“Oh, Hon, it’s beautiful!” I said as I opened up the carefully wrapped package. I had just come to understand where my oldest son (age 11) had gone the day before on his solo bike ride. I’d thought it unusual when he’d headed toward Main Street instead of the rail trail. I realized he’d gone to a gift shop several blocks away. “Did they wrap it for you?”
“Yeah,” he said with a lopsided grin. “The lady offered to…”
“Did she help you pick it out, too?”
“No, I did that all by myself. There was another one I liked, but I thought this one was better for you.”
“This one’s perfect; I love it!” I slipped the unique silver and amber-colored crystal ring on my finger and admired my hand, glad I’d done my nails recently.
“And he spent all his money on it – yeah, he spent…” his brothers piped up.
“La la la la la,” I sang with my hands over my ears. When their mouths weren’t moving anymore, I took my hands away. “I don’t want to know anything about that. We don’t talk about the cost of a gift, because the value could be much different.”
But I couldn’t ignore what I had heard. “Did you?” I turned to my oldest.
“Well, not all of it…”
My son had started the “Chore Apprentice Program” this year.
“What’s that!?” or “Good luck with that!” were comments I had received from friends. Really all the “program” entails is my son comes home from school rather than go to Extended Day and learns how to do things around the house, like dishes, laundry, vacuuming, simple cooking, or a trip to the store around the corner. Not only does he earn money for performing his jobs, but also he learns skills that he will need when he leaves the nest, because contrary to earlier beliefs, his wife is not going to do “all that stuff.” And even if his wife did do some of “that stuff,” he’s going to need to know how not to turn his laundry pink, not to eat on paper plates for every meal, and not to breed dust bunnies in between the time that he leaves home and gets married.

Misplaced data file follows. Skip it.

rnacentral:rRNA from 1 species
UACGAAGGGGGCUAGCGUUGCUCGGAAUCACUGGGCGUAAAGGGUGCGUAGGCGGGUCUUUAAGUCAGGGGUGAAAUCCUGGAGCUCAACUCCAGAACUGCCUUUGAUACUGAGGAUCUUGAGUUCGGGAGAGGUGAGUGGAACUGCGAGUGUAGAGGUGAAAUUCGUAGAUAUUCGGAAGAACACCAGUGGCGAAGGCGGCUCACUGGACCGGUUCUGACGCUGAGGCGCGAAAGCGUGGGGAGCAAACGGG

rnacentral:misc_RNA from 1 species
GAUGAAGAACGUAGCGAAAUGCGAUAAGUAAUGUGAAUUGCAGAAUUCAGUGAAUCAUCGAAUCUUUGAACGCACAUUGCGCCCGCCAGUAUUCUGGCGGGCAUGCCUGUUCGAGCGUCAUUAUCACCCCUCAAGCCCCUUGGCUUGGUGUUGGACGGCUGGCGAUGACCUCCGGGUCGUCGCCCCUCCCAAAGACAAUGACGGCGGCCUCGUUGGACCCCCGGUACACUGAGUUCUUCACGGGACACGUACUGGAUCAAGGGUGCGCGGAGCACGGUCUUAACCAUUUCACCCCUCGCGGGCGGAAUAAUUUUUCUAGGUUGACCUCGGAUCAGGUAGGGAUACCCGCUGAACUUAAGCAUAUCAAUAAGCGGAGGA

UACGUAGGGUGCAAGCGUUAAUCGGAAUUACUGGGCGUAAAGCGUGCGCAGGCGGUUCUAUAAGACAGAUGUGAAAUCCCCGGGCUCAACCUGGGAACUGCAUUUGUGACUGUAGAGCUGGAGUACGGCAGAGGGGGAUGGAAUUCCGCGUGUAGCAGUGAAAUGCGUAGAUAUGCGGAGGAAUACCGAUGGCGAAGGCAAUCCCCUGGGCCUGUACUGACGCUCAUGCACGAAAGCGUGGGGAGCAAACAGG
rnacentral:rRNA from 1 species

“But what about your sweatshirt?”
A couple of weeks prior we’d been in a sporting goods store and he’d spied a had-to-have, brand-name sweatshirt. “I really want to get that, Mom. Can you lend me the money? I’ve already got almost half.”
“Are you sure you want to spend that much money on a sweatshirt? You can buy this one over here for the money you do have.”
“Well, that one’s not abc brand.”
“So? You think because it’s abc brand it’s worth double?”
“Well, to me it is. Can you lend me the money?”
“No, Hon, that’s too much of a risk for me.”
“C’mon Mom, if I don’t pay you back, you don’t have to pay me my allowance.”
“Nope. How would I ensure you did any chores if I didn’t pay you?”
“But Mah-ahm. What if they sell out?”
“Look, if I were a bank, I wouldn’t be comfortable with that kind of lending risk, not even with a really high interest rate.”
My son scowled and glowered at me all the way out of the store and for a good amount of time during the car ride, too. We did not discuss it further.
“I can start saving up again.”
“It’ll take a while…”
“That’s okay, Mom.”
Even though the ring really is beautiful, it’s my son’s thoughtfulness and sacrifice that I value the most. I was tempted to buy him the sweatshirt – it’s not like we aren’t in that particular sporting goods store every other week or so anyway. But neither did I want to devalue my son’s gift to me nor the purchase he was going to make for himself, so I didn’t.
Thanks to the Chore Apprentice Program, it wasn’t long before he acquired his sweatshirt – and he knows how to wash it, too.
Each of you should give what you have decided in your heart to give, not reluctantly or under compulsion, for God loves a cheerful giver. ~2 Corinthians 9:7 NIV